Matthew Slater and Dil Green on the Credit Commons Protocol

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"Matthew Slater and Dil Green introduce the Credit Commons Protocol - tech agnostic, low friction transactions for all.

A protocol for the New Economy.

This is a recording of a presentation given Jun 4th 2020, hosted by the Circular Trade Analytics group and Mutual Credit Services.

The Credit Commons Protocol - a low level transaction data structure which allows means of exchange transactions between trading entities of any kind, irrespective of their internal arrangements.

Tech agnostic, open source, the protocol defines a mutual credit mechanism that allows disparate trading entities to maintain a shared ledger, for increased financial autonomy, without asking them to change anything about themselves.

This financial autonomy derives from simple continuous clearing - an implicit outcome of maintaining a shared ledger, which reduces the need for fiat/bank money to settle obligations.

For maximum viability, such mutual groups will need to be social/human scale (from 5 to 500 members, probably). However, economies - seen as enabling effective co-ordination of investment decisions across out-groups - exist through network effects, which requires scale. We will show how this simple protocol, can be applied recursively to build federations, and federations of federations potentially spanning the globe, allowing the smallest producers to issue mutual credit with their peers and spend it across the whole network. The system would create beneficial trading relations without use of money, with low transaction costs, incentives towards relocalisation, and without banks or other exploiters of informational asymmetries, with low regulatory risk. We will also present a road map to a fully distributed implementation.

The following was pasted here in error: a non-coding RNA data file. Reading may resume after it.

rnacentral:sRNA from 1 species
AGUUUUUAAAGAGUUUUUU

Further we will describe the stepwise Theory of Change which can take us to this vision, starting with easy adoption by existing business networks, proceeding at every stage by immediate 'What's in in for me?' advantages."

More information

- Credit Commons white paper here: - Blog post The Mutual Credit Society